Hang on to that new Compass Card: it’s not replaceable unless it’s registered with TransLink.
With commuters getting use to the new Compass Card system, TransLink’s trying to get the word out to register your card online.
That’s because if you lose it, it can be replaced.
But TransLink’s Jennifer Morland warns if it’s not registered, you’re out of luck.
“The reason for that is that the receipt that would come with it doesn’t actually include the serial number of the card so it’s impossible to connect the receipt with the serial number for the card that has been lost.”
Moreland is also warning one-day “paper” ticket holders to take good care of them, because they can be damaged.
“Each Compass ticket is a chip plus an antennae so if a ticket gets folded it will destroy the antennae which means you wouldn’t be able to tap in or tap out.”
Compass roll out: What you need to know
TransLink estimates about 300,000 people have now activated Compass Cards. But with the new system comes potential hiccups. Here’s a quick guide to keep you tapping successfully.
Register your card online. If you lose it, you’ll be able to cancel the card and save the monthly or pre-pay balance you’ve loaded onto the card.
Tap in, tap out
Riding the bus? You only need to tap in. But if you’re on SkyTrain, SeaBus, or Westcoast Express you need to tap in and tap out. If you forget to tap out, you’ll be charged for a full three-zone trip, even if you’re only going one zone. That’s already caused problems on the first full week of Compass roll out.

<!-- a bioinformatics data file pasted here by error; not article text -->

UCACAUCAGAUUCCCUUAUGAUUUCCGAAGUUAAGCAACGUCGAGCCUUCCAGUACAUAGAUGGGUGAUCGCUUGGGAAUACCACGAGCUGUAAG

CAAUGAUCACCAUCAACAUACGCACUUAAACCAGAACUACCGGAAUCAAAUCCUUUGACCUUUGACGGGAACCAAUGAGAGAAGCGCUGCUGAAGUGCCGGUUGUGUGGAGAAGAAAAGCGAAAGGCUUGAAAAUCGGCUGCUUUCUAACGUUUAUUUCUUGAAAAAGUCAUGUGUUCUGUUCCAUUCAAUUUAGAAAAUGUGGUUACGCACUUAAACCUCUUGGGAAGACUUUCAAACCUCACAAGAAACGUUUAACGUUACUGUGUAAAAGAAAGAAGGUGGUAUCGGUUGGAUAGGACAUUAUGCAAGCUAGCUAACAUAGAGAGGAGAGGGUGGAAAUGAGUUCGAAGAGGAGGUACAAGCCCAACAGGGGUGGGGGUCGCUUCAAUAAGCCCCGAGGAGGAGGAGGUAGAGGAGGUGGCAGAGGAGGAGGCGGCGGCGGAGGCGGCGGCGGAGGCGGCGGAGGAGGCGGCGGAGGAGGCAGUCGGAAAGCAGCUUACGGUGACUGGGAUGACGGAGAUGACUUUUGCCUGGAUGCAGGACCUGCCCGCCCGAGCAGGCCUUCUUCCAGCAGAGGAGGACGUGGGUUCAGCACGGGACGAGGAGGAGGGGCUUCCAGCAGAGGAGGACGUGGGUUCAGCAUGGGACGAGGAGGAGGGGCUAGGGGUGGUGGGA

@Translink when are you going to be shutting the toll doors for compass taps? ATM, too easy for people to forget to tap out while you make $
— Marianne Beilmann (@maribeilmann) November 3, 2015
TransLink says about 70% of people are remembering to tap out right now. But they’ve already had thousands of calls from people who forgot to tap out, and made several thousand fare adjustments last week.
Fare gates and fare checks
Just because the fare gates aren’t in operation yet doesn’t mean you don’t need to pay. You can even be dinged if you forget to tap in. TransLink says transit police are equipped with hand-held scanners able to read a compass card.
As for the fare gates, Moreland says there’s no firm date for them to be operational.
“We’re going to be closely monitoring it, and when see that there’s been more and more people transitioning to compass cards … then we’ll close the gates. It’s not about hard dates, it’s about getting it right for our customers.”
So again, remember to tap out.
Using a “one-day” paper ticket? Be careful with it. If the tickets are folded or damaged, the radio chip inside could be destroyed making it impossible to use.
TransLink says it keeps no personal information about a rider through Compass (even if registered), as per BC privacy laws.
But if you happen to be using a Compass vending machine to check your balance, be sure to log out.
While the machines don’t say your name of financial information, they do show your travel history which stays up on the screen for several seconds unless you cancel.
With files from Janet Brown and Simon Little